Each tooth 14 includes a rounded convex apex 16. The juncture or valley 18 between contiguous teeth 14 is concave, as illustrated. FIGURE 3 gives a clear view of the continuous outline of the teeth 14, which resembles a sine-cosine curve. It will be noted from FIGURES 4 and 5 that the slope of the valleys 18 is greater than the slope of the apices 16. This provides maximum cutting efiect. The slope of the valleys 18 can be greater, since the material leading to the apices 16 at each side strengthens each. If the slope of the apices 16 is too great, obviously, they will bend in severe cutting operations.

In FIGURE 7 is illustrated a round rule 20 in which a segment 22 of the body portion 24 is flared in respect to the mounting segment 26. This disposes teeth 28 thereof at an angle which prevents tearing the resilient covering of the supporting roller and the paperboard. When the body portion 24 is straight, instead of flared, paperboard and other material cut thereby will have crushed and torn edges. The flared disposition of the teeth 28 result in clean cuts. The slots 15 permit forming of the rule 20 as shown, since they will narrow to accommodate stresses in the metal.

In use, the teeth 14 of the rule 10 have a little slippage in going through the rubber, polyurethane, or the like, cover of the supporting roller. The Wavy construction of the teeth 14 glide substantially without tearing or milling. In addition, the rounded smooth valleys 18 cut the material being processed rather than wedge it, thereby efiecting a clean cut.

It is apparent that there has been provided a rule which fulfills the objects and advantages sought therefor.

It is to be understood that the foregoing description and the accompanying drawing have been given by way of illustration and example. It is also to be understood that changes in form of the elements, rearrangement of parts, and substitution of equivalent elements, which will be obvious to those skilled in the art, are contemplated as within the scope of the present invention which is limited only by the claims which follow.

What is claimed is:

1. A rule comprising a body portion including a continuous closed supporting segment, a continuous closed teeth supporting segment integral with said first segment and flared in respect thereto, and teeth at the free edge of said teeth supporting segment.

2. The rule of claim 1 in which said teeth have curved apices and valleys.

3. The rule of claim 2 in which the valleys have greater slope than the apices.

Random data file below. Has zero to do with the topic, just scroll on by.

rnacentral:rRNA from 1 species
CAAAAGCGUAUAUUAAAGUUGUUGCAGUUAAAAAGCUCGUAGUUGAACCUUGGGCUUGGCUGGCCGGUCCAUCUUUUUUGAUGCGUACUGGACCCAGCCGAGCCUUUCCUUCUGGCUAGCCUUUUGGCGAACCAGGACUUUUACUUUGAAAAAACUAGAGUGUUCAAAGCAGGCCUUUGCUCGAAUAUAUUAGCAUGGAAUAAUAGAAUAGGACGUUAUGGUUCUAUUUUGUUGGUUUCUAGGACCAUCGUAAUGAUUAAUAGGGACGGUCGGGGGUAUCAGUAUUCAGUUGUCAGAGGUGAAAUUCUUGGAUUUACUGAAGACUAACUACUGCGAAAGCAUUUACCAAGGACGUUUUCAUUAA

4. The rule of claim 2 in which the supporting segment includes open-ended slots.

5. The rule of claim 1 in which the supporting segment includes open-ended slots.

6. A rule comprising a supporting portion, and teeth along an edge, said teeth defining a cutting line having rounded apices and valleys, said teeth comprising bevelled alternating convex and concave portions extending from said apices and valleys, respectively, said valley concave portions having a greater slope than the said apices convex portions.

References Cited by the Examiner UNITED STATES PATENTS 1,009,232 11/11 Foster 83-679 4 2,467,585 4/49 Finkelstein 83679 2,863,337 12/58 Ackley.

FOREIGN PATENTS 886,832 1/ 62 Great Britain.

WILLIAM W. DYER, JR., Primary Examiner.



Patent Citations
Cited PatentFiling datePublication dateApplicantTitle
US1009232 *Jun 23, 1910Nov 21, 1911Robert J FosterBeveled straight-edge for heel-building.
US2467585 *Jan 30, 1947Apr 19, 1949Finkelstein MorrisCutting knife
US2863337 *May 11, 1953Dec 9, 1958Hartnett Co R WMethod of making a curved die
GB886832A * Title not available
Referenced by
Citing PatentFiling datePublication dateApplicantTitle
US3302490 *Aug 19, 1964Feb 7, 1967Deritend Eng CoMethod of making an arcuate forme for cutting and creasing sheet material
US3591031 *Aug 7, 1969Jul 6, 1971Automatic Liquid PackagingBottle opener
US3824887 *Sep 15, 1972Jul 23, 1974Boehler & Co Ag GebStamping knife
US3841189 *Jan 10, 1972Oct 15, 1974Miller M GmbhCutting die and process
US3863538 *May 2, 1973Feb 4, 1975Wyle LaboratoriesRotary cut-off knife and method
US5001956 *Aug 23, 1989Mar 26, 1991Nitsch J LeonardKnife for perforating plastic sheet material
US5133132 *Oct 26, 1990Jul 28, 1992Yu Ying MingSafety blade
US5940972 *Jul 23, 1997Aug 24, 1999Bettcher Industries, Inc.Rotary knife blade
US6009625 *May 19, 1998Jan 4, 2000Ixl Manufacturing Company, Inc.Hole forming assembly for irrigation tubing
US6044566 *Feb 13, 1997Apr 4, 2000Ries; WendyPlastic knife
US20120059247 *Sep 3, 2010Mar 8, 2012Speeg Trevor W VEchogenic needle for biopsy device
EP0804319A1 *Jun 19, 1995Nov 5, 1997Robert A. SchicklingCutting rule and method of cutting corrugated board
U.S. Classification83/673, 83/698.41, 30/355
International ClassificationB26F1/44
Cooperative ClassificationB26F1/44, B26F2001/4481, B26F2001/4472, B26F2001/4463
European ClassificationB26F1/44